OPINION: We need to have an honest conversation about steroids


Fitness and bodybuilding recently lost one of its most recognizable and important faces in Rich Piana. 

The oversized personality died on Aug. 25 after being placed into a medically induced coma. At his home, he was found to have 20 bottles of steroids and people have been quick to come to the conclusion that they caused his death.

Anyone familiar with Piana will quickly realize he would be the last person to die from steroid use. This hasn’t stopped the media from spinning it as another victim in the war against steroids. The reaction to his death should not be a twisted, one-sided conversation in which steroids are seen as a harbinger of death.

The American Society of Addition Medicine reports that prescription opiate overdoses killed 20,101 people, alcohol kills 88,000 people per year and tobacco kills 435,000 people per year. Steroids kill an unbelievable three people per year.

Yet conventional wisdom says steroids are worse than alcohol? A cigarette? A painkiller?

America needs to move beyond the stigma of “steroid abuse.” There needs to be a serious reevaluation of how steroids are treated.

Piana spoke in his videos about steroids, how prevalent they are and their dangers and benefits. But he used his platform in a way no one had done before. 

He brought knowledge and acceptance to a subject that America continues to reject and vilify.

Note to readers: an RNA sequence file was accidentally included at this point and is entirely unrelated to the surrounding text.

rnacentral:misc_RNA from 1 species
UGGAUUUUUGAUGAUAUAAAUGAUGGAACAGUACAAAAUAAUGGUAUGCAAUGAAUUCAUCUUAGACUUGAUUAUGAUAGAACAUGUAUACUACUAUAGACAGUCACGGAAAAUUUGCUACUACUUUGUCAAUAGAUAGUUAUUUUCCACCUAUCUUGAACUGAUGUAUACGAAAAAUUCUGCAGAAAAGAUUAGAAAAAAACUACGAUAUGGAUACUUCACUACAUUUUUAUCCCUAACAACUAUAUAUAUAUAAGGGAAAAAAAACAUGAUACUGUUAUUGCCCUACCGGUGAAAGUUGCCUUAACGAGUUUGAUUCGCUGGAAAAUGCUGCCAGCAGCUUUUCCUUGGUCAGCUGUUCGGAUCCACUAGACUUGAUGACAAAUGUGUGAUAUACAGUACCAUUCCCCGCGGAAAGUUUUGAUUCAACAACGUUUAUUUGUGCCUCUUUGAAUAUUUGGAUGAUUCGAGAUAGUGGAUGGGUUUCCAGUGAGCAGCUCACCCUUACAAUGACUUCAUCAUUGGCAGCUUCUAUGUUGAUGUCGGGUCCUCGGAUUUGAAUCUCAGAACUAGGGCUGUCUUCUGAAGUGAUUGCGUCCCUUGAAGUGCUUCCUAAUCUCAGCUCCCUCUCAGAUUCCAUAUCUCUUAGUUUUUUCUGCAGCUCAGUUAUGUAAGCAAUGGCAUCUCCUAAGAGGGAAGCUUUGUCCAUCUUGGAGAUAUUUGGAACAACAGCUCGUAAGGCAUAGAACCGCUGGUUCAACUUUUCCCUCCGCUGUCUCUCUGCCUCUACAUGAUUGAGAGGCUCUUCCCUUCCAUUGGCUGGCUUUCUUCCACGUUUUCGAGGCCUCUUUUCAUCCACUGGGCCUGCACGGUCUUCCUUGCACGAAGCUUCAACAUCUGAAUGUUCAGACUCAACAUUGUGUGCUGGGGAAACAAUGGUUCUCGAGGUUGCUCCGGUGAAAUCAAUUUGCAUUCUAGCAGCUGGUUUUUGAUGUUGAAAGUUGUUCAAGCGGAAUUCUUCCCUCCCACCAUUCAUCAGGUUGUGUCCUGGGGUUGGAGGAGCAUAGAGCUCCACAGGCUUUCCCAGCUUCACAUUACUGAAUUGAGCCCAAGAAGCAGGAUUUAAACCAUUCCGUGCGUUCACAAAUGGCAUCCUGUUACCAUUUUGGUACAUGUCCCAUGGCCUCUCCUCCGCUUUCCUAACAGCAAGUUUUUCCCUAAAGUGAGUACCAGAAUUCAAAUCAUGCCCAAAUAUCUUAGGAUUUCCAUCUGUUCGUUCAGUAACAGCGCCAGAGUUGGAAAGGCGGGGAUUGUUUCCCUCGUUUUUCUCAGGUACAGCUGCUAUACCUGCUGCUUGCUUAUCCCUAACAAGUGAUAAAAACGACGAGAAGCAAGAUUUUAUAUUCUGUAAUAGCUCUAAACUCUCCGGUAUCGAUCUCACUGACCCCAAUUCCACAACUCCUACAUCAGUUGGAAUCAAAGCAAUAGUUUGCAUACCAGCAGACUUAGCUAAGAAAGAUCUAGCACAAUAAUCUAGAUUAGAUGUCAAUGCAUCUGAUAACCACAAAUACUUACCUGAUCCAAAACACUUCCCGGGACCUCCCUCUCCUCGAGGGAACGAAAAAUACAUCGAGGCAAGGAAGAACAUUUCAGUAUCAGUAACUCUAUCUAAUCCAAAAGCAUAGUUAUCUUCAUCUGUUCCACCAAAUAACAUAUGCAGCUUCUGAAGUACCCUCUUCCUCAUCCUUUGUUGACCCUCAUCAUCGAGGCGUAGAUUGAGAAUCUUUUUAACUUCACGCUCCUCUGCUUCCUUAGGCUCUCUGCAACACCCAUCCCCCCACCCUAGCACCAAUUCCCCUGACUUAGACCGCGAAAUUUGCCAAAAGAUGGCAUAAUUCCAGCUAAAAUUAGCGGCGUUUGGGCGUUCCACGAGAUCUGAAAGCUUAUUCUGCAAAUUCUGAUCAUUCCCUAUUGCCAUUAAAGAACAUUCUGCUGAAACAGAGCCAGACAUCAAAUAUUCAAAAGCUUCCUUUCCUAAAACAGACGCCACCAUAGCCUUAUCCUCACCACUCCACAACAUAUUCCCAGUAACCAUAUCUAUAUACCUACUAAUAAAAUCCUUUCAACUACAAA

An estimated 85 percent of steroid use in America is by the average gym goer. The multitude of different steroids like Trenbolone, Dianabol and Halotestin are used in a safe and controlled environment, without ever hurting or injuring anyone.

Yes, steroids are like any drug — in excess they’re dangerous. Mixing them with another drug is dangerous, but in moderation they can be safe.

Teens and adults are prescribed anabolic steroids to increase their testosterone levels for a multitude of reasons and live healthy, productive lives.

Some people with stunted growth are prescribed Human Growth Hormone, a steroid, and they live healthy, productive lives.

Even though they take steroids, they never show the dramatic “roid rage” or other side effects normally used to scare people.

It’s not that steroids should be sold over the counters to any person, but if someone is caught with a non-prescribed steroid, the penalty can be 30 years in jail. 

How does that make sense, when athletes like Barry Bonds and Alex Rodriguez were caught using steroids?

They walked free with only suspensions and shame. 

There is no reason steroids should carry the terrible legal penalties that they do, nor should society place such a stigma on someone like Piana using steroids.

Piana’s death should serve as the catalyst to open a dialogue about safe steroid use.

It should not be hiding in the back of the gym or an online forum.